Frenemy IP

This assignment was hard to articulate. I have some strong thoughts on copyright, whereas Intellectual Property (IP) is a huge umbrella term. Even after reading and research I’m still not sure that I’m confident speaking about the intricacies in general terms let alone in specific.

[If you can’t get the embedded Sway to work, you can view it here.]

8 Comments on “Frenemy IP

  1. This was cool! I’ll have to try Sway out sometime. I tend to agree with you about “frenemy IP”- in my post, I said IP was neither friend or foe (or maybe both at the same time). So along the same lines as “frenemy.” I particularly appreciate your discussion of the distinction between distribution and derivative- I think you really got to the core of the issue very succinctly.

    You said that in the case of distribution, “There is no benefit to the public, other than perhaps to slake consumer greed, from having an unauthorized distributor in this case.” As I talked about in my post, the original constitutional provision for IP protections reads, “To promote the Progress of Science and useful Arts, by securing for limited Times to Authors and Inventors the exclusive Right to their respective Writings and Discoveries.” In other words, the whole intention of IP was “to promote progress.” We give IP rights because we want to see society as a whole benefit, and I think you’ve made a strong case for the ability of derivations (but not distributions) to “promote progress.”

    • Thank you, sway was neat to work with but took a bit to get the hang of. It wasn’t difficult to use, but I kept minimizing parts of the work-space by accident at first.

      It is hard to tell sometimes where IP law falls on the good/bad spectrum. It is interesting that you bring up the promote progress quote, because I think the main goal of what IP law should strive for is to balance the promotion of progress with the protection of artist/authors.

      • ” I think the main goal of what IP law should strive for is to balance the promotion of progress with the protection of artist/authors.” — Not that I disagree, but this is essentially asking for an amendment to the constitution because protection of artists/authors is only one way of promoting progress, right?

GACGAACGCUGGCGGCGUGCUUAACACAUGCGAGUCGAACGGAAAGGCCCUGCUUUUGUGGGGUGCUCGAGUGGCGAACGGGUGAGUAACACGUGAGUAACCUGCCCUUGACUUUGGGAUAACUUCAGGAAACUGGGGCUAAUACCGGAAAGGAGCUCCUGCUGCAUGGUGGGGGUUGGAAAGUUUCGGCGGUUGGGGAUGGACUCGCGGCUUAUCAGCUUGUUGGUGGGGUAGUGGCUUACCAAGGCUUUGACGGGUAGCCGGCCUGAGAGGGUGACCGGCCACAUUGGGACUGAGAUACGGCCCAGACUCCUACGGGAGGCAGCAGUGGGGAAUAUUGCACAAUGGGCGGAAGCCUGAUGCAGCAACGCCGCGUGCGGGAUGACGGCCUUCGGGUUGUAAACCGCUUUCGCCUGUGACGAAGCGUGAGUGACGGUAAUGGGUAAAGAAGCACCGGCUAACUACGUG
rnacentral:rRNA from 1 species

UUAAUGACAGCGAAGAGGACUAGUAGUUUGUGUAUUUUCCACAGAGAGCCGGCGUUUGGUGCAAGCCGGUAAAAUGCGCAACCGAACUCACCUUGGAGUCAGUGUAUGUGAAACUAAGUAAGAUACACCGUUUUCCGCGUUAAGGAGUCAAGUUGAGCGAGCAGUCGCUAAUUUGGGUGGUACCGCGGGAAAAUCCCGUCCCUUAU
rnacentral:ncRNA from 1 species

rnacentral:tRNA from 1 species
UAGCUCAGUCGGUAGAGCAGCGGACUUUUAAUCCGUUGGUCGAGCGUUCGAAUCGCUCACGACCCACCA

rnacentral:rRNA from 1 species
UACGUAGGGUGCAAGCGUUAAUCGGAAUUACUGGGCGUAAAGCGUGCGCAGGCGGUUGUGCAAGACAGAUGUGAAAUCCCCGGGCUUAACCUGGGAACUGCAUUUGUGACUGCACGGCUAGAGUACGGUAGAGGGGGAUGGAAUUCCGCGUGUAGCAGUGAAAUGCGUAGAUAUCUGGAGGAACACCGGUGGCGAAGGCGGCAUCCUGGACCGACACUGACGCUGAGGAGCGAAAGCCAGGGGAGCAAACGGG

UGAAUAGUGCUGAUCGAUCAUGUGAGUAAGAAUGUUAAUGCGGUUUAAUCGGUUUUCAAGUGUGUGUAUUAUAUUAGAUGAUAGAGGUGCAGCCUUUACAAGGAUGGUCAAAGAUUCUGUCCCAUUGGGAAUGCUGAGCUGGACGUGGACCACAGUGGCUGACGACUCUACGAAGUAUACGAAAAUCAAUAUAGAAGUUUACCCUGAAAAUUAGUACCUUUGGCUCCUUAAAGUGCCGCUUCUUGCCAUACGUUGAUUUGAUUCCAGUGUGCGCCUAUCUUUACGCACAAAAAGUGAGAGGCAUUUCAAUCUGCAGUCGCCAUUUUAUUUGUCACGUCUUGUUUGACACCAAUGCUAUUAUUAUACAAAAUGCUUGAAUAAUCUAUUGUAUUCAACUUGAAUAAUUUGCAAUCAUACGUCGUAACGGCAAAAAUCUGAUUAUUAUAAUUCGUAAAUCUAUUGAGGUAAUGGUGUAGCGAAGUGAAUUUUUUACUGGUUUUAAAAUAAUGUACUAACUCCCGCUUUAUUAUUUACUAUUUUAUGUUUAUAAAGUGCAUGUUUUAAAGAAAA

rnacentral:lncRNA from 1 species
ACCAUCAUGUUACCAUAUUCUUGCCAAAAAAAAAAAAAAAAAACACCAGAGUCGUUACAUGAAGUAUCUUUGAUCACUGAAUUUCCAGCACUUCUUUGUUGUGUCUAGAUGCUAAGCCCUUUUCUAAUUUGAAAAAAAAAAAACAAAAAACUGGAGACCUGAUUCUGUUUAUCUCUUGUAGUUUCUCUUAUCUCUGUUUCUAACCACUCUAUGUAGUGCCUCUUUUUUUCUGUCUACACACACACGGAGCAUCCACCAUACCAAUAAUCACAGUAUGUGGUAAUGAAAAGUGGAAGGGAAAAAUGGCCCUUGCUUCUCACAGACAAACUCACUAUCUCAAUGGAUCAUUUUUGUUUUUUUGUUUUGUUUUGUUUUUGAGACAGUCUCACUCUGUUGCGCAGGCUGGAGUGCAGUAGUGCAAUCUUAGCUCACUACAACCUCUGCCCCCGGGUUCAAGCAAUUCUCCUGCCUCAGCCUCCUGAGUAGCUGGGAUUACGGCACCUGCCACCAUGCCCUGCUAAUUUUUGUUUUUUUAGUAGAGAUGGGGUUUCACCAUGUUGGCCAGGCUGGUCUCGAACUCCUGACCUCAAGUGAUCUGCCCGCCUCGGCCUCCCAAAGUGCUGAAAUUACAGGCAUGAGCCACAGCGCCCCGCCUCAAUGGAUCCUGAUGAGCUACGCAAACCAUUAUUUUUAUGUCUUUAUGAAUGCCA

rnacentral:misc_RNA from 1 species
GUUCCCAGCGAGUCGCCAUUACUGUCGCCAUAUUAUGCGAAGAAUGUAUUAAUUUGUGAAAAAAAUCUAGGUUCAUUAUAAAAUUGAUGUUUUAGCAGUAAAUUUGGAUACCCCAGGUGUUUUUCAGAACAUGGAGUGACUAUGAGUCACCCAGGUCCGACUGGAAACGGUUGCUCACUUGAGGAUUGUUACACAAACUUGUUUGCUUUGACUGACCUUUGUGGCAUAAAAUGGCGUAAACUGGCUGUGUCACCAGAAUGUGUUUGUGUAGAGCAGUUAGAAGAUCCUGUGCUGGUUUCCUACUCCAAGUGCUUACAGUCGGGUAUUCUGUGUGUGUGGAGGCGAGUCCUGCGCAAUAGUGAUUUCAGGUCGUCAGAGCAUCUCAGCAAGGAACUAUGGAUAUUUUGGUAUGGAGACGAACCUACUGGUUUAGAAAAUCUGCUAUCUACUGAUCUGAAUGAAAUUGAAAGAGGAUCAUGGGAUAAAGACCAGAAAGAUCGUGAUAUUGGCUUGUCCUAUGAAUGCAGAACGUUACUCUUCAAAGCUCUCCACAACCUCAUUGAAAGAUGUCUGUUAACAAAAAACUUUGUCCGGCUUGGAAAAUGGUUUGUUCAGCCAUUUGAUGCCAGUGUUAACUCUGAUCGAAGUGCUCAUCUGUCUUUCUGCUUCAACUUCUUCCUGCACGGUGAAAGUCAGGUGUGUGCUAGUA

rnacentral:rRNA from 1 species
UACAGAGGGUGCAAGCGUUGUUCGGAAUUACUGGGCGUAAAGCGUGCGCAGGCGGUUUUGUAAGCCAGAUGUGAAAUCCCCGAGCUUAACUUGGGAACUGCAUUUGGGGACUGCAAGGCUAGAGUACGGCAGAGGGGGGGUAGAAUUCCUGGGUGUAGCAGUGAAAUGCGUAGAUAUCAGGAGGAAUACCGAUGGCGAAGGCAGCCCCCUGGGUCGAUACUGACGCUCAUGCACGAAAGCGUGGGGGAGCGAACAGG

2. I’m not so sure “distribution” (given the nature and importance of the commons) is wholly without value, though I appreciate the distinction and agree that the usefulness of “derivation” is clearer.

    Great point about orphan works, which I mention but has been surprisingly absent from much of the Nousion discussion. Even if one wholly agrees with the state of copyright protections, or even wants more, the problem of orphan works is a huge one.

    I appreciate that this is a huge topic. But I will ask you as I have others: what specific kinds of changes do you envision to achieve the “improvement” you mean? Even a brainstorm would be useful. Hint: something like this will quite likely be part of your “not-so-final project.”

    Also: cool to see Sway in action. I don’t think I’ve ever seen it used before.

    • I had fun trying Sway. I’ve made it a personal goal to try as many new ways of presenting assignments as I can throughout the semester. Not just to fulfill the requirements, but to practice a bit of digital citizenship through creation. It also gives me a chance to see how these tools might be used in my classroom both for lecture and for student assessment.

      I don’t think all distribution is bad, I think it can be good at times. But I also think there is a difference between bootlegging and artists encouraging sharing/distributing.

      I think one of the biggest improvements would be a better working system to deal with orphan works. Ideally there would be a shortening of copyright length, but that is a distant future project. Having someway of releasing orphan works to public domain would allow for a lot of creative use/innovation I think.

      We also need to take a look at patent-trolls (and whatever the equivalent is for copyright). I don’t think that companies that have no claim to copyrighted works, or don’t intend to produce goods, should be able to affect copyright/patents to the extent they are now. We need some oversight, and way of censoring companies/individuals that misuse the system in this way.

  3. Pingback: Collection 3 – SGCarstensen

  4. First off, Sway….s’way cool! I’m going to have to check it out and give it a go. I love how it looks for your IP presentation.

    You referenced, Adam vs. The Man video where Adam makes the point that IP may actually be detrimental to new works. Nick brings up a similar point in that IP should not be applied to Ideas, as doing so they “they cannot spread, grow, interact with other ideas, or develop” and may actually hinder innovation creativity. If we weren’t able to take ideas and deconstruct, improve, big apart, and re-apply those ideas we’d have a pretty stagnant world.

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